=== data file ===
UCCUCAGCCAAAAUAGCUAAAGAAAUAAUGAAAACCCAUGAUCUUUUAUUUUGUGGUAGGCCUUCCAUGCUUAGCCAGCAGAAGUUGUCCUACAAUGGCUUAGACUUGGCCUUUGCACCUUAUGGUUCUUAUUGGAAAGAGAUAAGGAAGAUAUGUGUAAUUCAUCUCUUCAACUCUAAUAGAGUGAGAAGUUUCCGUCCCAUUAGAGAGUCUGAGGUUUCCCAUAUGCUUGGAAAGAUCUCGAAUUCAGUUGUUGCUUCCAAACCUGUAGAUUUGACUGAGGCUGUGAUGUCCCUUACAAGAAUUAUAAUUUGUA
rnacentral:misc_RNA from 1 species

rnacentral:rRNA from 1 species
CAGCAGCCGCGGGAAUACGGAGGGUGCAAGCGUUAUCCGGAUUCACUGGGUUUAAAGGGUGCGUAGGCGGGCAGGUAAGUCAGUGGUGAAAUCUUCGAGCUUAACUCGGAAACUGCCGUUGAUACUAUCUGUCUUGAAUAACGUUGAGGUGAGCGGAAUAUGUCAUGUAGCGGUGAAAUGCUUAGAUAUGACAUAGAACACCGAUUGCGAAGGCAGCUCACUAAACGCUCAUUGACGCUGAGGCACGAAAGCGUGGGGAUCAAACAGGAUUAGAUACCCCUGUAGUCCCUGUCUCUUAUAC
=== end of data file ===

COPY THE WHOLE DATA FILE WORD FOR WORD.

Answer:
UCCUCAGCCAAAAUAGCUAAAGAAAUAAUGAAAACCCAUGAUCUUUUAUUUUGUGGUAGGCCUUCCAUGCUUAGCCAGCAGAAGUUGUCCUACAAUGGCUUAGACUUGGCCUUUGCACCUUAUGGUUCUUAUUGGAAAGAGAUAAGGAAGAUAUGUGUAAUUCAUCUCUUCAACUCUAAUAGAGUGAGAAGUUUCCGUCCCAUUAGAGAGUCUGAGGUUUCCCAUAUGCUUGGAAAGAUCUCGAAUUCAGUUGUUGCUUCCAAACCUGUAGAUUUGACUGAGGCUGUGAUGUCCCUUACAAGAAUUAUAAUUUGUA
rnacentral:misc_RNA from 1 species

rnacentral:rRNA from 1 species
CAGCAGCCGCGGGAAUACGGAGGGUGCAAGCGUUAUCCGGAUUCACUGGGUUUAAAGGGUGCGUAGGCGGGCAGGUAAGUCAGUGGUGAAAUCUUCGAGCUUAACUCGGAAACUGCCGUUGAUACUAUCUGUCUUGAAUAACGUUGAGGUGAGCGGAAUAUGUCAUGUAGCGGUGAAAUGCUUAGAUAUGACAUAGAACACCGAUUGCGAAGGCAGCUCACUAAACGCUCAUUGACGCUGAGGCACGAAAGCGUGGGGAUCAAACAGGAUUAGAUACCCCUGUAGUCCCUGUCUCUUAUAC